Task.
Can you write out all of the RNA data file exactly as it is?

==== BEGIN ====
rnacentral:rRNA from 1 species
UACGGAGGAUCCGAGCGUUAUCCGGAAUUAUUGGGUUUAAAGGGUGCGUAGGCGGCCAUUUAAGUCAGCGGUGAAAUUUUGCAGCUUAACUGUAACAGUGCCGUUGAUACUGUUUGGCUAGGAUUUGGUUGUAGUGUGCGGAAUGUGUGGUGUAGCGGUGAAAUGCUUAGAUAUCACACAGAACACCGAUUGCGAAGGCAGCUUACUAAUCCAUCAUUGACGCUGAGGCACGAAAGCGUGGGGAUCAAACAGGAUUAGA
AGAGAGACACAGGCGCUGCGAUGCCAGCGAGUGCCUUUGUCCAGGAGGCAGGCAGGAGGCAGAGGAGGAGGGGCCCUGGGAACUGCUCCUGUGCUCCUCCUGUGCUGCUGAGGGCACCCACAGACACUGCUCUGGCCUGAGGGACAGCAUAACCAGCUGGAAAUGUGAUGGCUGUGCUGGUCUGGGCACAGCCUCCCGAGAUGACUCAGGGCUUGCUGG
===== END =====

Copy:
rnacentral:rRNA from 1 species
UACGGAGGAUCCGAGCGUUAUCCGGAAUUAUUGGGUUUAAAGGGUGCGUAGGCGGCCAUUUAAGUCAGCGGUGAAAUUUUGCAGCUUAACUGUAACAGUGCCGUUGAUACUGUUUGGCUAGGAUUUGGUUGUAGUGUGCGGAAUGUGUGGUGUAGCGGUGAAAUGCUUAGAUAUCACACAGAACACCGAUUGCGAAGGCAGCUUACUAAUCCAUCAUUGACGCUGAGGCACGAAAGCGUGGGGAUCAAACAGGAUUAGA
AGAGAGACACAGGCGCUGCGAUGCCAGCGAGUGCCUUUGUCCAGGAGGCAGGCAGGAGGCAGAGGAGGAGGGGCCCUGGGAACUGCUCCUGUGCUCCUCCUGUGCUGCUGAGGGCACCCACAGACACUGCUCUGGCCUGAGGGACAGCAUAACCAGCUGGAAAUGUGAUGGCUGUGCUGGUCUGGGCACAGCCUCCCGAGAUGACUCAGGGCUUGCUGG